LL.M.: Law Degrees in the United States
Prospective LL.M. students (both U.S. and international) are often understandably confused about the law degrees offered in the United States. The typical hierarchy of U.S. degrees is as follows:
1. BA or BS (Bachelor of Arts or Science) degree. U.S. universities do not offer the LL.B. (Bachelor of Laws) degree. Our non-law bachelor's degree requires four years of study, and is a prerequisite for law school.
2. JD (Juris Doctor) degree. This is the degree required for practicing law in the U.S. Generally speaking, none of the other degrees (including the S.JD) qualifies a graduate to take the bar exam, which is a prerequisite for practicing law in every state in the U.S. The JD degree normally takes 3 years to complete. A bachelor's degree is a prerequisite for the JD degree, although upon special petition to the dean of students, international students who have earned honors in our LL.M. program may transfer their LL.M. credits into our JD degree program.
3. LL.M. (Master of Laws) degree. The LL.M. degree can take between 1 year and 2-1/2 years. The JD (or LL.B., or equivalent, from non-U.S. countries) is a prerequisite for the LL.M. degree.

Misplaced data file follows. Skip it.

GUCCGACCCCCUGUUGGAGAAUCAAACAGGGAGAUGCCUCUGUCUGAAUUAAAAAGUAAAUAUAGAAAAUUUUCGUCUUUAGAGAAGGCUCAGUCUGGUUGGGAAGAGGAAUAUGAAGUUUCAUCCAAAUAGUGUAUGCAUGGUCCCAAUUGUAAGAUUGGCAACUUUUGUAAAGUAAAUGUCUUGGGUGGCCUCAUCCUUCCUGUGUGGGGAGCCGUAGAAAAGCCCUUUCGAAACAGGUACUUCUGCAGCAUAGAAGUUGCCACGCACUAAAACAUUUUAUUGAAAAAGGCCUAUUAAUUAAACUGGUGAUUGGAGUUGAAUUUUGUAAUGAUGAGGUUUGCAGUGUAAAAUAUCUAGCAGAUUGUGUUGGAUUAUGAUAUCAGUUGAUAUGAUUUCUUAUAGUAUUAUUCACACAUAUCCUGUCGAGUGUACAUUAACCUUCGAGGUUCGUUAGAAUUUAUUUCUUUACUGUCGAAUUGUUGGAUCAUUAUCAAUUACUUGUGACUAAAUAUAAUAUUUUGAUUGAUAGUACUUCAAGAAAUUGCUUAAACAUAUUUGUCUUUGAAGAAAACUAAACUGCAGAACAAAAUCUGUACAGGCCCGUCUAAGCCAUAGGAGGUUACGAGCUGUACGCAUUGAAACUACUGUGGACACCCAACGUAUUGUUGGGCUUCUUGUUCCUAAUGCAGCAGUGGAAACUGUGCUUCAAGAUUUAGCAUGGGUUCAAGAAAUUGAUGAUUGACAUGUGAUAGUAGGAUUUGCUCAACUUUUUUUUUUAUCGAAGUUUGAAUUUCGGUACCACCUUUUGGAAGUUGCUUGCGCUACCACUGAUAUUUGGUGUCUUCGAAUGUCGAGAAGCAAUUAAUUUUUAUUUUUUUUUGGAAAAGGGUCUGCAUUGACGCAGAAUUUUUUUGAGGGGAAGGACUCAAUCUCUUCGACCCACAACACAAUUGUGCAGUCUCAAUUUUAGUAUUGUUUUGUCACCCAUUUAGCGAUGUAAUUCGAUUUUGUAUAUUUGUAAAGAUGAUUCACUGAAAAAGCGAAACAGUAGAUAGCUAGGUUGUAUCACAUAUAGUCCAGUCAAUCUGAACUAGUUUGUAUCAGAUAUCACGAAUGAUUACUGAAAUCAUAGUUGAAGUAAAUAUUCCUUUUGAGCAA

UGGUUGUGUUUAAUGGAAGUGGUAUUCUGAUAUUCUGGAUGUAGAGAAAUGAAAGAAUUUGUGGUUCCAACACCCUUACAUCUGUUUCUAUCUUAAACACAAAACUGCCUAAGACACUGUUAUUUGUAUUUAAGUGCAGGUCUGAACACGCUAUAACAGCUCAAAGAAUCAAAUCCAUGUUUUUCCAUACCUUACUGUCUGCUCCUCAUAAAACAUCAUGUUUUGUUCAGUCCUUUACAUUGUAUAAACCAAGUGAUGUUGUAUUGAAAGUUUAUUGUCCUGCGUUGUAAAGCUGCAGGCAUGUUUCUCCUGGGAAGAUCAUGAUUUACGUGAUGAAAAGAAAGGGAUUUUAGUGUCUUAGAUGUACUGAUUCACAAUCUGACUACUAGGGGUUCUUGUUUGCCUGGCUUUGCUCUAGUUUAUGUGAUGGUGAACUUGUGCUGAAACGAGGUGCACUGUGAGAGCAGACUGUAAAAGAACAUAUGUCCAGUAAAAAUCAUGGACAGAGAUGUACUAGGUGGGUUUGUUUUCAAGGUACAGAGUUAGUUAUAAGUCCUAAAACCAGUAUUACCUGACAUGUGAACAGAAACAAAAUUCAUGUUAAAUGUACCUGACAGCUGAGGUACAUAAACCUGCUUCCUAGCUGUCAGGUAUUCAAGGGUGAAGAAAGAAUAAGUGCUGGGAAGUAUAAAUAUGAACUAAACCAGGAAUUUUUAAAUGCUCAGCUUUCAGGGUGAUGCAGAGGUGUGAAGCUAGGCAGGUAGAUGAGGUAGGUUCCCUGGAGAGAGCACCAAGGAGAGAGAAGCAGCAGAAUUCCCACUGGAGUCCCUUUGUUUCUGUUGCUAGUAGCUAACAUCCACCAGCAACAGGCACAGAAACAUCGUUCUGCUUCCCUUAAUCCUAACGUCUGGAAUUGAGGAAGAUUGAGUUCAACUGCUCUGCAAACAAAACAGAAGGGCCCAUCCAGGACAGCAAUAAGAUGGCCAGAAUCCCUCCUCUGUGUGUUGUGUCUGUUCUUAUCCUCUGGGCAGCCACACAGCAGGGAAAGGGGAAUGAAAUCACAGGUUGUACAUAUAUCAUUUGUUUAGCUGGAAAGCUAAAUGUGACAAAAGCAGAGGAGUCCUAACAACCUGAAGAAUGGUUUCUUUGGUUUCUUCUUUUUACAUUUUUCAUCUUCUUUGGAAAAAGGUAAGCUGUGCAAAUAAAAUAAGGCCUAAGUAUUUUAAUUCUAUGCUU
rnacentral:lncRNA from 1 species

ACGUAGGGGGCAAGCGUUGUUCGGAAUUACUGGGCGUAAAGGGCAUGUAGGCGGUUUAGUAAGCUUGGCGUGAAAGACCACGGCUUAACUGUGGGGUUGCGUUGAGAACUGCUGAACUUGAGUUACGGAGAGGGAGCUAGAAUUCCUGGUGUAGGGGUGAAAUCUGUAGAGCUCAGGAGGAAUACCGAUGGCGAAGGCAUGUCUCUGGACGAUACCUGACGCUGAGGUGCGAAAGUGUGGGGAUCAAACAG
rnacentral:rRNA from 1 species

4. S.JD (Doctor of Juridical Studies) degree. Very few U.S. law schools offer this degree, and very few people obtain it, as it is very rarely required even for law professorships in the United States. However, if you must obtain a PhD-level degree in order to become a professor or for other professional reasons, this is the degree for you. The time period to obtain an S.JD varies widely but it usually takes 3-4 years. The S.JD degree is generally reserved for truly exceptional students who have received exemplary grades throughout their academic career. At present, the only S.JD program in the U.S. that focuses on environmental law is at Pace University in New York. The JD or LL.B. is a minimum prerequisite for the S.JD degree but almost all law schools require an LL.M. as well.
The LL.D. (Doctor of Laws) degree is an honorary degree and is not obtained through study in a law school.